Speleers was selected for the title role after a worldwide casting search. "Ed came in [to the casting session], and we just looked at each other and said, "That's Eragon, that's the guy from the book," said director Stefen Fangmeier: "I got a strong sense of Ed's sparkle, of his life. It's the kind of thing where you just know he's destined to become a movie star. Speleers won the role as he was trying to learn his lines for a school production of Hamlet. Others considered for the role included Alex Pettyfer but since production took place in central Europe and Pettyfer is afraid of flying, he declined the role. On July 15, 2005, in an official press release from 20th Century Fox, it was confirmed that Speleers had signed on to the project. Over the following months, Jeremy Irons, John Malkovich, Chris Egan, and Djimon Hounsou were all confirmed as joining the Eragon cast. Paolini, author of the original novel, had expressed his wishes to be featured in a cameo role in the film — specifically, as a warrior who is beheaded in the battle of Farthen Dûr. However, he was unable because of his European book tour. Jeremy Irons, who welcomed the opportunity to reintroduce himself to younger audiences, took on the role although Dungeons & Dragons (a previous fantasy film he had acted in) had flopped, and he said that he thought that Eragon "had been better managed" than that film.
Eragon was one of the worst reviewed films of 2006, 16% of reviews by critics were positive with an average rating of 4.1/10 at Rotten Tomatoes. 47% of Rotten Tomatoes' audience rated it over three stars with an average rating of 3/5. The consensus reads "Written by a teenager (and it shows), Eragon presents nothing new to the "hero's journey" story archetype. In movie terms, this movie looks and sounds like Lord of the Rings and plays out like a bad Star Wars rip-off...the makers of Eragon should soon be expecting an annoyed phone call from George Lucas." The Seattle Times described the film as "technically accomplished, but fairly lifeless and at times a bit silly".The Hollywood Reporter said the world of Eragon was "without much texture or depth." The story was labeled "derivative" by The Washington Post, and "generic" by the Las Vegas Weekly. Newsday stressed this point further, asserting that only "nine-year-olds with no knowledge whatsoever of any of the six Star Wars movies would find the film original." The acting was called "lame" by the Washington Post, plus "stilted" and "lifeless" by the Orlando Weekly. The dialogue was also criticized, with MSNBC labelling it "silly"; the Las Vegas Weekly called it "wooden".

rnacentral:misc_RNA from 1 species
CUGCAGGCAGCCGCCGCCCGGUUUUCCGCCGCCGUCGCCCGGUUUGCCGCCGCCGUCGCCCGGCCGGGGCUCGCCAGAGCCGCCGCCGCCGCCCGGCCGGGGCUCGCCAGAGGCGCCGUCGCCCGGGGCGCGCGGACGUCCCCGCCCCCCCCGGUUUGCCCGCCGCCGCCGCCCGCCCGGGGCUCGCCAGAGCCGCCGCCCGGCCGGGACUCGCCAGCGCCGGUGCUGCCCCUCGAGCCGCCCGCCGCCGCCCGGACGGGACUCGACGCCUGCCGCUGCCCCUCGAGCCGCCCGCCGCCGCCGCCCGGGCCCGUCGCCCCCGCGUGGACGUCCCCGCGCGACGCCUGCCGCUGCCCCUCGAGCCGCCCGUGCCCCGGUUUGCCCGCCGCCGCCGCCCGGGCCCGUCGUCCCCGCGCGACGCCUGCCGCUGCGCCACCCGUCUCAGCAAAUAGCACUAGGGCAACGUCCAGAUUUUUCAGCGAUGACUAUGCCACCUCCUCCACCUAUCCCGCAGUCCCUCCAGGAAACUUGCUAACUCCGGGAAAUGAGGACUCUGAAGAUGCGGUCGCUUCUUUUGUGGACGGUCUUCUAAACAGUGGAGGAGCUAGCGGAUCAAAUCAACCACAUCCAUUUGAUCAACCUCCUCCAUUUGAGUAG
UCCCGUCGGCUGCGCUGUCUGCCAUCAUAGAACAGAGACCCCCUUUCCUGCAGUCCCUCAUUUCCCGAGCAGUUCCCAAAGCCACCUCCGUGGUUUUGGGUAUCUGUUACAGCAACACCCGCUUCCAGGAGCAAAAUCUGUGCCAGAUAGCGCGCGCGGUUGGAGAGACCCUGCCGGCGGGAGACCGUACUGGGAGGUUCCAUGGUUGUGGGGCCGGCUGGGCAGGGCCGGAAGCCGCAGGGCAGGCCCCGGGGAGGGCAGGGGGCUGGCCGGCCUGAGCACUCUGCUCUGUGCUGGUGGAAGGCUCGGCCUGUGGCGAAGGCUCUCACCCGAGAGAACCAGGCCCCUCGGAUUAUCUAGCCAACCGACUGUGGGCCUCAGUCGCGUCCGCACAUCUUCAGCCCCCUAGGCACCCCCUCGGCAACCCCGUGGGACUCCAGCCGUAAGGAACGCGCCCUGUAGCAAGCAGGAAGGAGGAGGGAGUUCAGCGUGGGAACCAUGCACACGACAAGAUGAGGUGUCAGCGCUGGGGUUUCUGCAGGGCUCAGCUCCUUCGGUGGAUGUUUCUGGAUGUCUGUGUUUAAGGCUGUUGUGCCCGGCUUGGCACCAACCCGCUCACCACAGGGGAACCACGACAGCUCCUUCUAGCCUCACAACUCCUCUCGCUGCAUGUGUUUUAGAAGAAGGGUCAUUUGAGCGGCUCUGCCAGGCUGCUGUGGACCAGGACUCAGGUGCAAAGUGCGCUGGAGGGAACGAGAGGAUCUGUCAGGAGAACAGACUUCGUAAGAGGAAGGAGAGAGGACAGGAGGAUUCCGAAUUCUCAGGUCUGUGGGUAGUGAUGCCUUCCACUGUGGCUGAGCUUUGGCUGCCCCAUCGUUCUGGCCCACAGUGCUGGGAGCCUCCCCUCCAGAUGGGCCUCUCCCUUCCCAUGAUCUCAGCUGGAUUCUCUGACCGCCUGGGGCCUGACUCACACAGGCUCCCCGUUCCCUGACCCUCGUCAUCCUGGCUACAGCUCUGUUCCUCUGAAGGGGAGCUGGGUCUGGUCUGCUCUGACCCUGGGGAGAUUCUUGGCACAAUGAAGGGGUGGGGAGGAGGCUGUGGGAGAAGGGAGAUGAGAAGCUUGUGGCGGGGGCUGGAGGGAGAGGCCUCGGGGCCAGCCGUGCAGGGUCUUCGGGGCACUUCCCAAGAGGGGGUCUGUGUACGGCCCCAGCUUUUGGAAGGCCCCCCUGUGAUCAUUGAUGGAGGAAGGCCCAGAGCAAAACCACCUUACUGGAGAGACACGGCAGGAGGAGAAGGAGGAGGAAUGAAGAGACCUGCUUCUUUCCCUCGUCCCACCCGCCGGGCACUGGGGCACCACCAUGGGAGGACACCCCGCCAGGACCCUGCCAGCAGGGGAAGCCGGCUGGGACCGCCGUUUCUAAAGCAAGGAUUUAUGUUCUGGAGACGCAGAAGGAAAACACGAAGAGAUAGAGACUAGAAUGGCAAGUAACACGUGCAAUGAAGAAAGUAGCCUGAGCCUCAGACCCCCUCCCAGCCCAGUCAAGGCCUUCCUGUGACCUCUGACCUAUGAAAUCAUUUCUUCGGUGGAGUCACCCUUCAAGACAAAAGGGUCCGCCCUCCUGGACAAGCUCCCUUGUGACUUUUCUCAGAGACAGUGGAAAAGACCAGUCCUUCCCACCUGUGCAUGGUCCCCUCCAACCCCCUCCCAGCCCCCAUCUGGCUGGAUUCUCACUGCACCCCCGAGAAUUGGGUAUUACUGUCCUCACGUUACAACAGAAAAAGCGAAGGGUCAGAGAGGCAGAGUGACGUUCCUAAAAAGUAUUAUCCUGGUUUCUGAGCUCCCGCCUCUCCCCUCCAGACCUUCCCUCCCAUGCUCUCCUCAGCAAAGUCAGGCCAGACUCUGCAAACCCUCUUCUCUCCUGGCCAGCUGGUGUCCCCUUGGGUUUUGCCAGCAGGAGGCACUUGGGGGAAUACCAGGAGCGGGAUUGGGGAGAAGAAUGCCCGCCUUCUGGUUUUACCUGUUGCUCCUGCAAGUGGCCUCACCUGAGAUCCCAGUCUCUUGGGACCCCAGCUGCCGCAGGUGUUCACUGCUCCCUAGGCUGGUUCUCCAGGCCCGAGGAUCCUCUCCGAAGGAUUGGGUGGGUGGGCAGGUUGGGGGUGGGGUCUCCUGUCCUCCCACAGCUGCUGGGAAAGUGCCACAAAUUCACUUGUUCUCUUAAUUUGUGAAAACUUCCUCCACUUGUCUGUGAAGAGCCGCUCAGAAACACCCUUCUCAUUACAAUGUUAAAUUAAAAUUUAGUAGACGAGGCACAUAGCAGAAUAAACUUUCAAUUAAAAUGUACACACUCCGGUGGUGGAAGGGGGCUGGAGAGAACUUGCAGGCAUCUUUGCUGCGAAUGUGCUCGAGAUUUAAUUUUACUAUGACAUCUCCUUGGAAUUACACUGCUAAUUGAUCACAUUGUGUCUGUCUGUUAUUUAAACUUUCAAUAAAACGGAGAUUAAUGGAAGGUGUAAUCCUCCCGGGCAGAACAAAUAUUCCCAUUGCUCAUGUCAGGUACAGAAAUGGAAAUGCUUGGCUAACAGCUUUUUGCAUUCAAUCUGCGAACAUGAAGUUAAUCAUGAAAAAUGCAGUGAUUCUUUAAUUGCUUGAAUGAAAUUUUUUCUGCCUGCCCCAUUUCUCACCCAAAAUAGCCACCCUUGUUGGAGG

Positive reviews described the film as "fun" and "the stuff boys' fantasies are made of." The CGI work was called "imaginative" and Saphira was called a "magnificent creation." Christopher Paolini stated he enjoyed the film, particularly praising the performances of Jeremy Irons and Edward Speleers.
Eragon grossed approximately $75 million in the US and $173.9 million elsewhere, grossing $249 million worldwide. Director Stefen Fangmeier believes that Fox was "modestly happy with the worldwide box office." Eragon is the 13th highest grossing fantasy-live action film within the United States; 21st when adjusted for inflation. It is the third highest grossing film with a dragon at its focal point.
Eragon was in release for 17 weeks in the US, opening on December 15, 2006 and closing on April 8, 2007. It opened in 3020 theaters, earning $8.7 million on opening day and $23.2 million across opening weekend, ranked 2nd behind The Pursuit of Happyness. Eragon's second weekend US box office dropped by almost 70%, possibly due to the opening of Night at the Museum, another family film from 20th Century Fox, the 41st biggest second weekend drop since this statistic was kept. Eragon's $75 million total US gross was the 31st highest for 2006.
The film earned $150 million in its opening weekend across 76 overseas markets, making it the #1 film worldwide. This was attributed to the sheer scope of Eragon's global launch as the film ranked number 1 in fewer than half of the overseas territories it was released in. The foreign box office competition for the film's opening week was "soft;" had Eragon been released one year earlier, it would have been placed fourth. Eragon's UK opening was "a disappointment," in Australia it was "solid if unimpressive," but its most impressive market was France, where the film earned more than $21 million. The film's $249 million total worldwide gross was the 16th highest for 2006. Eragon grossed $86,995,160 on DVD from March 20, 2007 – May 13, 2007.